Royals activate Jonathan Sanchez and Chris Getz from DL

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Chris Getz returned from the disabled list last night and the Royals will also activate Jonathan Sanchez to make tonight’s start versus the Brewers.

Sanchez has been out since May 9 with biceps tendonitis and had a 6.75 ERA in six starts before being shut down. He also gave up 10 runs in 13 innings during a minor-league rehab assignment, so Brewers hitters should be licking their chops.

Getz reclaimed the starting second base job, which sent prospect Johnny Giavotella back to Triple-A after getting sporadic playing time from manager Ned Yost. Giavotella has yet to produce in 67 games as a big leaguer, although his .613 OPS is nearly identical to Getz’s career mark of .629.

Presumably at some point the Royals will simply give Giavotella an extended opportunity to show that his .336 batting average in 141 games at Triple-A makes him a long-term building block, but he’ll be 25 years old in a month and it hasn’t happened yet.

Noah Syndergaard: ‘I feel like I’m going to bet (on) myself in free agency’

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Yankees starter Luis Severino and Phillies starter Aaron Nola both signed contract extensions within the last week. Severino agreed to a four-year, $40 million contract with a 2023 club option. Nola inked a four-year, $45 million deal with a 2023 club option.

While the deals both represented significant raises and longer-term financial security for the right-handed duo, some feel like the players are selling themselves short. It has become a more common practice for players to agree to these types of deals in part due to how stagnant free agency has become. Get the money while you can.

Mets starter Noah Syndergaard is in a similar situation as Severino and Nola were. He and the Mets avoided arbitration last month, agreeing on a $6 million salary for the 2019 season. He has two more years of arbitration eligibility left. A contract extension with the Mets would presumably cover both of those years plus two or three years of what would be free agent years. As Tim Britton of The Athletic reports, however, Syndergaard plans to test free agency when the time comes.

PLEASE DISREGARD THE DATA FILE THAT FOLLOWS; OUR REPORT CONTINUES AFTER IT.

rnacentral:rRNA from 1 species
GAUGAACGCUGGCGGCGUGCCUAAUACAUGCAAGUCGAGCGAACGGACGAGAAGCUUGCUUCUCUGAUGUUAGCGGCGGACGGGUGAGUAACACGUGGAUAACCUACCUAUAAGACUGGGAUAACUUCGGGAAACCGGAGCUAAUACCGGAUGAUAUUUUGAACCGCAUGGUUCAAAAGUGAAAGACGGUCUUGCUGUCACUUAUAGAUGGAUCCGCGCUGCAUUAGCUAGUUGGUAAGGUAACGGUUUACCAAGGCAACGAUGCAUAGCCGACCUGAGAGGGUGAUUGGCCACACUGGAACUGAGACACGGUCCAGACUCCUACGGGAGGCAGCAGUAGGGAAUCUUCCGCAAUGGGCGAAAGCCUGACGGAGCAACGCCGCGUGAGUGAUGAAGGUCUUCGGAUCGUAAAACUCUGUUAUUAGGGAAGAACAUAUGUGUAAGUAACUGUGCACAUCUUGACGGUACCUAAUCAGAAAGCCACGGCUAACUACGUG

Syndergaard said, “I trust my ability and the talent that I have. So I feel like I’m going to bet (on) myself in free agency and not do what they did. But if it’s fair for both sides and they approach me on it, then maybe we can talk.” He clarified that he would be open to a conversation about an extension, but the Mets thus far haven’t approached him about it. In his words, “There’s been no traction.”

Syndergaard, 26, has been one of baseball’s better starters since debuting in 2015. He owns a career 2.93 ERA with 573 strikeouts and 116 walks in 518 1/3 innings. Among pitchers to have logged at least 400 innings since 2015 and post a lower ERA are Clayton Kershaw (2.22), Jacob deGrom (2.66) and Max Scherzer (2.71). Syndergaard made only seven starts in 2017 yet still ranks seventh among pitchers in total strikeouts since 2015.

If Sydergaard doesn’t end up signing an extension, he will be entering free agency after the 2021 season. The collective bargaining agreement expires in December 2021 and a new one will likely be agreed upon around that time. Syndergaard will hopefully have better prospects entering free agency then than players do now.